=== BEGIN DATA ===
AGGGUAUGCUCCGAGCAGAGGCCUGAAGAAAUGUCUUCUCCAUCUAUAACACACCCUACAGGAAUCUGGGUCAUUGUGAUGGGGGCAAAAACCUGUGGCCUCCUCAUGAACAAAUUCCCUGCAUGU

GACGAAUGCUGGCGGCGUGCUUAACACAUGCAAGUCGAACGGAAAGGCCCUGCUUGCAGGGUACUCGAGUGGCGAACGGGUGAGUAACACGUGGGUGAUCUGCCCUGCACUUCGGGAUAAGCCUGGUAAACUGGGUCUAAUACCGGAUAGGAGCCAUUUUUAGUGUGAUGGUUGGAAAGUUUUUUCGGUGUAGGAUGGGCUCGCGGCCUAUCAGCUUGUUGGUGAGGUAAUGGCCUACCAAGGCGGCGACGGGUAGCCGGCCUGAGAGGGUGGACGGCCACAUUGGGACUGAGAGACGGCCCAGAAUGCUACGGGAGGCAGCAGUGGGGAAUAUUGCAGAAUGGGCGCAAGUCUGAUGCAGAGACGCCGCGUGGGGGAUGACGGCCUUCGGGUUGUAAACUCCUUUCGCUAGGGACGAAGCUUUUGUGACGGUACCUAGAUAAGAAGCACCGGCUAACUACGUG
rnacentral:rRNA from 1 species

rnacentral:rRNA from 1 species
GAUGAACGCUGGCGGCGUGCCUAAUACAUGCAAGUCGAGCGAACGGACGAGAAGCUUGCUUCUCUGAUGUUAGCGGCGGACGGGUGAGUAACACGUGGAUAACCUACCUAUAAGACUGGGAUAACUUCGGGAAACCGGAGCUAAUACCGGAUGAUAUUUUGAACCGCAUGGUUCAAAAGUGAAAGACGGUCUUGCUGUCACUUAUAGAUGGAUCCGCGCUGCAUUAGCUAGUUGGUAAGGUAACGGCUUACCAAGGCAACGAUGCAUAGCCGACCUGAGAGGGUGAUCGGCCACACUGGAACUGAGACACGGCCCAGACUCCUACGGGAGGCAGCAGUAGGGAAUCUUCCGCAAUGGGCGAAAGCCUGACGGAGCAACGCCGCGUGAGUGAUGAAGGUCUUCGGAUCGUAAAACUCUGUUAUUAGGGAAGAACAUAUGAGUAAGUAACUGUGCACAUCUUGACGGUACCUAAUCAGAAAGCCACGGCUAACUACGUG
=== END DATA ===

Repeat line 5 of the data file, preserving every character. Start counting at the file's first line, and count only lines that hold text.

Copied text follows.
GAUGAACGCUGGCGGCGUGCCUAAUACAUGCAAGUCGAGCGAACGGACGAGAAGCUUGCUUCUCUGAUGUUAGCGGCGGACGGGUGAGUAACACGUGGAUAACCUACCUAUAAGACUGGGAUAACUUCGGGAAACCGGAGCUAAUACCGGAUGAUAUUUUGAACCGCAUGGUUCAAAAGUGAAAGACGGUCUUGCUGUCACUUAUAGAUGGAUCCGCGCUGCAUUAGCUAGUUGGUAAGGUAACGGCUUACCAAGGCAACGAUGCAUAGCCGACCUGAGAGGGUGAUCGGCCACACUGGAACUGAGACACGGCCCAGACUCCUACGGGAGGCAGCAGUAGGGAAUCUUCCGCAAUGGGCGAAAGCCUGACGGAGCAACGCCGCGUGAGUGAUGAAGGUCUUCGGAUCGUAAAACUCUGUUAUUAGGGAAGAACAUAUGAGUAAGUAACUGUGCACAUCUUGACGGUACCUAAUCAGAAAGCCACGGCUAACUACGUG